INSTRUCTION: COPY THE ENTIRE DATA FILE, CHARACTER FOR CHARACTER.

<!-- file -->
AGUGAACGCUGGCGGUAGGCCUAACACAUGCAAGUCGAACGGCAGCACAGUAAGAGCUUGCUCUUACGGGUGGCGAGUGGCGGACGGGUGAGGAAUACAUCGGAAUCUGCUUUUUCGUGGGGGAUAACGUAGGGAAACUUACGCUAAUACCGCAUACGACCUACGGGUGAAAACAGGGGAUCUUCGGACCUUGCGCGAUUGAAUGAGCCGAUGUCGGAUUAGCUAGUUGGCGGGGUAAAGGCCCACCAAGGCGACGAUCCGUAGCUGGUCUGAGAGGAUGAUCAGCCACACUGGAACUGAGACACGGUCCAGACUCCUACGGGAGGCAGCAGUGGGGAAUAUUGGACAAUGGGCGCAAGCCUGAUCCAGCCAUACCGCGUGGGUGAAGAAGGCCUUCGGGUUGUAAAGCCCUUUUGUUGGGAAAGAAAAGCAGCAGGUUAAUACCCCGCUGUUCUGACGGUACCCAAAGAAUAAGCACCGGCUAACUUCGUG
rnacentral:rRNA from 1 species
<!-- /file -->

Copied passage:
AGUGAACGCUGGCGGUAGGCCUAACACAUGCAAGUCGAACGGCAGCACAGUAAGAGCUUGCUCUUACGGGUGGCGAGUGGCGGACGGGUGAGGAAUACAUCGGAAUCUGCUUUUUCGUGGGGGAUAACGUAGGGAAACUUACGCUAAUACCGCAUACGACCUACGGGUGAAAACAGGGGAUCUUCGGACCUUGCGCGAUUGAAUGAGCCGAUGUCGGAUUAGCUAGUUGGCGGGGUAAAGGCCCACCAAGGCGACGAUCCGUAGCUGGUCUGAGAGGAUGAUCAGCCACACUGGAACUGAGACACGGUCCAGACUCCUACGGGAGGCAGCAGUGGGGAAUAUUGGACAAUGGGCGCAAGCCUGAUCCAGCCAUACCGCGUGGGUGAAGAAGGCCUUCGGGUUGUAAAGCCCUUUUGUUGGGAAAGAAAAGCAGCAGGUUAAUACCCCGCUGUUCUGACGGUACCCAAAGAAUAAGCACCGGCUAACUUCGUG
rnacentral:rRNA from 1 species